As the Zika virus has spread throughout the region, doctors and researchers have emphasized concern over links between the virus and its effect on fetal development. Recently, the New England Journal of Medicine conducted a study on 88 pregnant women in Rio de Janeiro. Researchers found that 29 percent of women who had ultrasound examinations after testing positive for the Zika virus had fetuses that suffered “grave outcomes.” These included fetal death, tiny heads, shrunken placentas, and nerve damage that suggested blindness. Dr. Anthony Fauci, director of the National Institute for Allergy and Infectious Disease (NIAID), agreed that the small size of the study was “a limitation,” yet, the high percentage of fetuses damaged is of concern. The World Health Organization is also awaiting results from a similar, but much larger, study  involving 5,000 women, mostly from Colombia. The results are not expected until May or June, when large numbers of the babies will come to term. The virus first arrived in Colombia in September 2015 and, by December the country had set up national tracking programs to monitor pregnant women for signs of infection, and to spot early signs of birth defects in fetuses. Since then, researchers have been waiting to see whether Colombia might experience a similar rise in birth defects. Most recently, researchers have diagnosed one newborn with microcephaly and two others with congenital brain abnormalities. All three infants tested positive for Zika.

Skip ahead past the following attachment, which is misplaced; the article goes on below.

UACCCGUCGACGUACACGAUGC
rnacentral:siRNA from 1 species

In the United States, the CDC is working to establish a registry of pregnant women who may be at risk. According to the Washington Post, of nine confirmed cases in pregnant women, at least two recently chose to have abortions, two suffered miscarriages, and one gave birth to a child with serious birth defects. Clinical evidence leaves little doubt that a link between Zika and microcephaly exists: the virus has been detected in amniotic fluid, in the cerebrospinal fluid of affected babies and in the brains of fetuses.

While much of the conversation around Zika and its rapid spread throughout the Western Hemisphere is still focused on its link to fetal abnormalities, recent studies are now also linking Zika to other diseases, including Guillain-Barré syndrome (GBS). Guillain-Barré syndrome is a disorder in which the body’s immune system attacks part of the peripheral nervous system. The first symptoms of the disorder include varying degrees of weakness or tingling sensations in the legs and, according to the National Institute of Neurological Disorders and Stroke (NINDS), these symptoms can increase in intensity until certain muscles cannot be used at all. When severe, GBS can leave the person almost totally paralyzed. Most individuals recover fully from even the most serious cases of GBS, although some continue to experience weakness.